Tomorrow we may be going to Fatehpur Sikri. I am kind of unenthused as I would like to save money and it will be an hour long unairconditioned crowded bus ride with my luggage each way, not to mention walking around for hours with my bags. We get back into Jaipur at night, and I have some studying to do. The air conditioned reclining chair car we were in on the way up was really great, I slept pretty much the whole time. The view out the window was not great; our window was steamed up and dirty. Hopefully at least one other person will opt to just go to a cafe with me or something.

Anyway, my hour here is about up. I promise to upload photos as soon as I can (probably Tuesday).

Miss you!!! <3

Wednesday, September 16, 2009

"Silk Is Unauspicious This Season"

or, "Zena is unfashionable." =P
Just purchased my first sari, in a pretty deep blue crepe silk with some delicate sequin embroidery. They kept showing me chiffon and georgette saris until I emphasized for the upteenth time that I was interested in silk. Then they spelled out just how uncool silk is this season, but whatever. I think it's gorgeous, it feels amazing, and I don't feel comfortable starting out in a sheer sari.

I have been feeling pretty down the past few days; it feels like so many things are conspiring to make me stressed and unhappy. So many frustrating experiences with men, program facilitators, children, cell phone providers, shopkeepers, food, other students, host family members, travel agencies...RRRRGH. I don't have the energy to relive it all and write it all out. There isn't enough time in the day for me to process everything, do my work, run my errands, and get enough sleep.

This weekend I am traveling to Agra with seven other girls. I turned in my first paper today, a book report on Tagore's Gitanjali. I bought a book today called Entry From Backside Only: hazaar fundas of indian-english which I hope my International Development professor will let me use for my book report for her class. It's about the development and usage of Indian English =)

Today I had a field trip to a national award winning contemporary artist's home to see some of his work. This was my first time in an Indian Muslim home, and some of his pieces were influenced by the Koran and Sufi imagery. They were really beautiful. We got to see a book that had photos of all the works he'd sold, and it was neat to see how his style has evolved over the decades. Tomorrow the other girl on the arts & culture track and I will go see Rekha-ji's (our homestay coordinator's) studio after class.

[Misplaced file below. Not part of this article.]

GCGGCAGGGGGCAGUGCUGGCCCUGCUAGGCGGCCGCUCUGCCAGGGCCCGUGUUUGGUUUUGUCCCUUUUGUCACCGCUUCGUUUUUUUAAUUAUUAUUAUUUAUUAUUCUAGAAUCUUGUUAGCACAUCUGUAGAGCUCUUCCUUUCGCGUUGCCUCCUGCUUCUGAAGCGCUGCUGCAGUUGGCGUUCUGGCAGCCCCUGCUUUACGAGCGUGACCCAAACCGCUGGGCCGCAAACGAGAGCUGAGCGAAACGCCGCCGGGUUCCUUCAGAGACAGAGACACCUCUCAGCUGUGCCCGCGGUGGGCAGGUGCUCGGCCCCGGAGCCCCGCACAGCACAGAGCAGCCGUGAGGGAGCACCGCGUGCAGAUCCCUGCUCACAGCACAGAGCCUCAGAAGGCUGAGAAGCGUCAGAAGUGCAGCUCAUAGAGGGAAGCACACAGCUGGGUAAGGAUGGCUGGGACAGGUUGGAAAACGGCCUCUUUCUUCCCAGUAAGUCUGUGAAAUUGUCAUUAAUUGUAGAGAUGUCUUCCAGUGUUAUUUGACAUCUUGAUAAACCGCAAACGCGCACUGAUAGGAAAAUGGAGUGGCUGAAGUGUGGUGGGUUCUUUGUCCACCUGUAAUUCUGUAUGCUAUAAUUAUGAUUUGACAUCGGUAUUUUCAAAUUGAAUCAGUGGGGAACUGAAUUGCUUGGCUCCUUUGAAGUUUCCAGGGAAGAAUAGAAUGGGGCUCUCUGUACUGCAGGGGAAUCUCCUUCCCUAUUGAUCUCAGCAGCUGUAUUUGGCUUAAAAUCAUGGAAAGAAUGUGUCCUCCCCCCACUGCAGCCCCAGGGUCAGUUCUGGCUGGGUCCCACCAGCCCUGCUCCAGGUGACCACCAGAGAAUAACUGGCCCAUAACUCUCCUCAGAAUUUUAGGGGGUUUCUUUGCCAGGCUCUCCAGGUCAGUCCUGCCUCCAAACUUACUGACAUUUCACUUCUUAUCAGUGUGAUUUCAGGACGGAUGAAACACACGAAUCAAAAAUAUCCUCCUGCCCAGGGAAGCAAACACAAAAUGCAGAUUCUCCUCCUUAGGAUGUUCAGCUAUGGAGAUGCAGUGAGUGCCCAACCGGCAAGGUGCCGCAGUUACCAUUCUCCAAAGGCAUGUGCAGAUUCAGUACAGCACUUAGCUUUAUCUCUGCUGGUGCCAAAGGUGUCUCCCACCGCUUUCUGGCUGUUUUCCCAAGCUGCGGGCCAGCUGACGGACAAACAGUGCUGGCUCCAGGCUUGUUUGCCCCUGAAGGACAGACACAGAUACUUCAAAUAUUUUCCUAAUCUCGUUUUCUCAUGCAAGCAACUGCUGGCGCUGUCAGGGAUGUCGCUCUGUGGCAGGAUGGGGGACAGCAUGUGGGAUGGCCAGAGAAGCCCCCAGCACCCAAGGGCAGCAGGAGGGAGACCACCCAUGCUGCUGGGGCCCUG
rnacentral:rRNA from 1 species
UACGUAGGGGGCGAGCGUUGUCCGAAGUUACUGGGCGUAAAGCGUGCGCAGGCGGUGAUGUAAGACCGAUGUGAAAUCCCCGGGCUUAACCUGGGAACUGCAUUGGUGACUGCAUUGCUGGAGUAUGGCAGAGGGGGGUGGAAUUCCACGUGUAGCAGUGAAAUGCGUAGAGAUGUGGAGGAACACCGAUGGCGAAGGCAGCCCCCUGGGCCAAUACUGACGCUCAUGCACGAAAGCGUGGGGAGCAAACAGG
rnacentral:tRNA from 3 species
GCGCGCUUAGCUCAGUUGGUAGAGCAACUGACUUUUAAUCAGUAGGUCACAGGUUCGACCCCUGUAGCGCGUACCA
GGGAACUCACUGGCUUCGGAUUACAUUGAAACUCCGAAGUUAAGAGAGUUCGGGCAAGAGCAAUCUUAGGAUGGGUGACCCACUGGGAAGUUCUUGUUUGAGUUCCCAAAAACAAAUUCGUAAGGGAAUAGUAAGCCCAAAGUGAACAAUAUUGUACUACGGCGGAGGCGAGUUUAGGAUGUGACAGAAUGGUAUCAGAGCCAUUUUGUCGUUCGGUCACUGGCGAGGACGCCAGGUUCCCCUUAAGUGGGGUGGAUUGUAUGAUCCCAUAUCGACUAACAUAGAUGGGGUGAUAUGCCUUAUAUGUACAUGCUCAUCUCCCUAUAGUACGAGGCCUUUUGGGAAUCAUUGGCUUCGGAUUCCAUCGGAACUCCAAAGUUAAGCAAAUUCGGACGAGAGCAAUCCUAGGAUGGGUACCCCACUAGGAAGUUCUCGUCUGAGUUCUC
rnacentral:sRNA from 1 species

"Don't think of it as a metaphor, think of it maybe as a similar sort of a situation. Even though it isn't really. And if that sounds confusing it is because it is." -Rima-ji

"If not you might as well shoot yourself right now. Like with a bow and arrow or something." -Rima-ji on whether life has meaning

"He could preach it. And he preached it." -Rima-ji on Buddha

"Americans are satisfied with their system; they are rich enough, so be it." -Kanta-ji on privatized American health care

"You can't have an Iron Curtain or a Bamboo Curtain or any other kind of curtain." -Kanta-ji on life after the dot come revolution

"Professor Jain is actually wearing a disguise, because at heart he is probably one of the youngest that can be." -Rima-ji on our 70+ guest lecturer, Prof. Ajit Kumar Jain

"I am RFG--Ready For Grave." -Ajit-ji on how he feels satisfied in his life, career, scholarship and family

"Zena is eating Rachel!" -Vinita-ji, host aunt and nickname giver, as I was eating a rasgullah

"I'll be a cobra, and you are a little snake." -Vinita-ji, during our dance party

Sunday, September 13, 2009

Sunday morning

A dove in the garden at my host mother's parents' house. When they fly you can see this pretty dusky blue and white under their wings.

Me one morning outside the MSID building displaying the mehndi my host mother did for me. She is so much quicker than I am! And she holds the cone differently; I tried it and it seems like one's hands get less sore using that method.

Today I went to St Xavier's, a Catholic church, with three other MSID girls. It was wonderful. The mass was in honor of "Girl child day", which was September 8th. There was a computer printout on the alter: "Thank God for the girls." And on a blackboard: "When you educate a boy, you educate an individual. When you educate a girl, you educate a generation." Girls came up and talked about why they were proud to be girls (one said "because we get more attention from the parents, lol..and another began by saying "There are many evils in society..." and then just smiled a lot, too nervous to continue, until the priest spoke to her kindly and she left the microphone), and we had lots of prayers for girls and statistics about the gender imbalance due largely to gender selective abortion followed by talks on why women are so important and ought to be loved and appreciated. There was this beautiful part when in addition to the usual gifts of bread and wine there were candles "to light the darkness around girls and empower them" and flowers "that they may bloom in the garden of your love" etc. There was a mix of Hindi and English Christian songs; the mass was largely in English, but they have Hindi ones as well. I think next weekend I am going to travel with several other students, but for the weekends that I am home I think I would like to go back. There were a couple differences; no one drank the wine, it was held on a tray for one to dip the wafer into, and people made the sign of the cross and kneeled much less, but still most of the prayers were exactly the same. It was so nice to be in a space where I understand what is expected and what is happening, where I know I am safe and accepted.